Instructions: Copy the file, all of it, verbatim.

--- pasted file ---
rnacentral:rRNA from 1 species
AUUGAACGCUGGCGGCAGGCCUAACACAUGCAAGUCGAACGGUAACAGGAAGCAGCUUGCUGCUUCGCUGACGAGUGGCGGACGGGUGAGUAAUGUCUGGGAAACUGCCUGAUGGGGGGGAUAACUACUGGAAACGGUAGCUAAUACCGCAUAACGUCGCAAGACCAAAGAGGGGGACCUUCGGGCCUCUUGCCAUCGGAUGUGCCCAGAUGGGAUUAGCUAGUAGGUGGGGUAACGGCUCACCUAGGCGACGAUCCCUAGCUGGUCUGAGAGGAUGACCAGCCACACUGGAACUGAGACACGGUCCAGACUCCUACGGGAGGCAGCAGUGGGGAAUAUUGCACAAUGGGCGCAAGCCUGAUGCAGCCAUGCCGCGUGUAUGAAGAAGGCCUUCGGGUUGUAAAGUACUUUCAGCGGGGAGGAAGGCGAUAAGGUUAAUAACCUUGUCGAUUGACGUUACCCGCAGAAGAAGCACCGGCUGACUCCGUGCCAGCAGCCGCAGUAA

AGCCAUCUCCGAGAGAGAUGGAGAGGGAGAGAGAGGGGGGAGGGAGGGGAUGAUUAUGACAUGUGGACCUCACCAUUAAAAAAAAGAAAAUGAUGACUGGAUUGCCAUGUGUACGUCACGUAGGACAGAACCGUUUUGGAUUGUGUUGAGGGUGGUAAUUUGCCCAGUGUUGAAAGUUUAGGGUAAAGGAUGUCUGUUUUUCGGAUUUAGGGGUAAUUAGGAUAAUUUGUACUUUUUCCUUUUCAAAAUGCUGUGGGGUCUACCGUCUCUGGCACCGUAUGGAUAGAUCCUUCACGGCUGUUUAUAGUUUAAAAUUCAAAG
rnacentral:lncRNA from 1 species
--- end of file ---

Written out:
rnacentral:rRNA from 1 species
AUUGAACGCUGGCGGCAGGCCUAACACAUGCAAGUCGAACGGUAACAGGAAGCAGCUUGCUGCUUCGCUGACGAGUGGCGGACGGGUGAGUAAUGUCUGGGAAACUGCCUGAUGGGGGGGAUAACUACUGGAAACGGUAGCUAAUACCGCAUAACGUCGCAAGACCAAAGAGGGGGACCUUCGGGCCUCUUGCCAUCGGAUGUGCCCAGAUGGGAUUAGCUAGUAGGUGGGGUAACGGCUCACCUAGGCGACGAUCCCUAGCUGGUCUGAGAGGAUGACCAGCCACACUGGAACUGAGACACGGUCCAGACUCCUACGGGAGGCAGCAGUGGGGAAUAUUGCACAAUGGGCGCAAGCCUGAUGCAGCCAUGCCGCGUGUAUGAAGAAGGCCUUCGGGUUGUAAAGUACUUUCAGCGGGGAGGAAGGCGAUAAGGUUAAUAACCUUGUCGAUUGACGUUACCCGCAGAAGAAGCACCGGCUGACUCCGUGCCAGCAGCCGCAGUAA

AGCCAUCUCCGAGAGAGAUGGAGAGGGAGAGAGAGGGGGGAGGGAGGGGAUGAUUAUGACAUGUGGACCUCACCAUUAAAAAAAAGAAAAUGAUGACUGGAUUGCCAUGUGUACGUCACGUAGGACAGAACCGUUUUGGAUUGUGUUGAGGGUGGUAAUUUGCCCAGUGUUGAAAGUUUAGGGUAAAGGAUGUCUGUUUUUCGGAUUUAGGGGUAAUUAGGAUAAUUUGUACUUUUUCCUUUUCAAAAUGCUGUGGGGUCUACCGUCUCUGGCACCGUAUGGAUAGAUCCUUCACGGCUGUUUAUAGUUUAAAAUUCAAAG
rnacentral:lncRNA from 1 species